Coordinator Tommy D’Hose (ILVO)
Soil compaction

Soil compaction, a growing problem

An estimated 30 to 50% of the most productive and fertile soils in Europe suffer from soil compaction. For Flanders this would amount to an area of 200,000 to 300,000 ha. A recent survey by Belgian farmers also shows that one-third (34%) experience soil compaction problems. Soil compaction happens when soil particles are pressed together by external forces, which decreases the total pore volume in the soil. These pores are important for the transport of air and water through the soil and allow plant roots to pass through. Any type of soil can potentially get compacted, but that risk increases considerably when heavy machinery is used and certainly under wet conditions. Several recent evolutions in the Flemish agriculture are compounding this problem: the trend towards agricultural machinery with larger wheel loads (e.g. self-propelled harvesters), the growth of the vegetable and potato processing industry and the associated evolution to contract cultivation and hired workers that is more aligned with the planning in the factory than the weather conditions, intensive fertilization and mowing of grasslands, the lengthening of the beet growing season, and the increase in maize and potatoes (up to 35% of the agricultural area) which are both harvested late.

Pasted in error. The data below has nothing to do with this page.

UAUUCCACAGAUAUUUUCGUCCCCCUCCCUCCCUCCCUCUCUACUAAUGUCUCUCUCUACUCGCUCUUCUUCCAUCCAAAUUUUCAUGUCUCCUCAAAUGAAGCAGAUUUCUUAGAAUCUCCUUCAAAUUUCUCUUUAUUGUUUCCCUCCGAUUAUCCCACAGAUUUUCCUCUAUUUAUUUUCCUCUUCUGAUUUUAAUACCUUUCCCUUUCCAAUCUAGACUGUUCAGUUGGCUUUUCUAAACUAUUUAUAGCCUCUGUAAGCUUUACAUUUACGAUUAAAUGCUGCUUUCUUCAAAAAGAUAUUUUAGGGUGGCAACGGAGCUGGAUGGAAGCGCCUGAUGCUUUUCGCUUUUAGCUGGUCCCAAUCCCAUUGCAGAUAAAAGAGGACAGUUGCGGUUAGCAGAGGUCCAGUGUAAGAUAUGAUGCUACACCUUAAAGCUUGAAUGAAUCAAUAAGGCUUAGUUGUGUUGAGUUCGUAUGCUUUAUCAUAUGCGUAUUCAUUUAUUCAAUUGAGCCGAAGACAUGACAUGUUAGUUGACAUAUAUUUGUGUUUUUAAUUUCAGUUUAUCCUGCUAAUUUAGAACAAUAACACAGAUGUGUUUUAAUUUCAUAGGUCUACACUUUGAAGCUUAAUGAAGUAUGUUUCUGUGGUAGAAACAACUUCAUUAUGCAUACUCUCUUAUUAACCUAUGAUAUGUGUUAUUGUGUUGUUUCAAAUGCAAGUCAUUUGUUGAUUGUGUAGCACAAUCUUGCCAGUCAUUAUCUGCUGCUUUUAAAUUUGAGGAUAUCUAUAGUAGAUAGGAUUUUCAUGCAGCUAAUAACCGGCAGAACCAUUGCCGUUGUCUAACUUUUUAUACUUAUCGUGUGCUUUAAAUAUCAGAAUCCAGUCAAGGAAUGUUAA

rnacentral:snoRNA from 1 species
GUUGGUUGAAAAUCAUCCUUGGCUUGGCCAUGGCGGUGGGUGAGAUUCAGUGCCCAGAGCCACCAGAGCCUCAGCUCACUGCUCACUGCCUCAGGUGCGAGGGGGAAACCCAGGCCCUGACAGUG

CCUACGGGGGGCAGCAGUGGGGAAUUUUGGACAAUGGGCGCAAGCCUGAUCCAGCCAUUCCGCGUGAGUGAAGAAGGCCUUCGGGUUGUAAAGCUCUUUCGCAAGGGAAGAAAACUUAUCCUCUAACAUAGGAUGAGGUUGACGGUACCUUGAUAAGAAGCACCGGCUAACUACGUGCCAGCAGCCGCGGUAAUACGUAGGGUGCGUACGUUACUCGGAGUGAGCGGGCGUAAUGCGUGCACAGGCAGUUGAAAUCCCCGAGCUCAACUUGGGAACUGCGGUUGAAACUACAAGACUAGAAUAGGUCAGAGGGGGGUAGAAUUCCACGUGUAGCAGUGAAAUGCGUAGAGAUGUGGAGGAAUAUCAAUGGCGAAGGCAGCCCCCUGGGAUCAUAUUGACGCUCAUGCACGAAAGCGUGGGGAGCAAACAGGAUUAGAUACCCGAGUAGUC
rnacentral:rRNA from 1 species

Economic and ecological consequences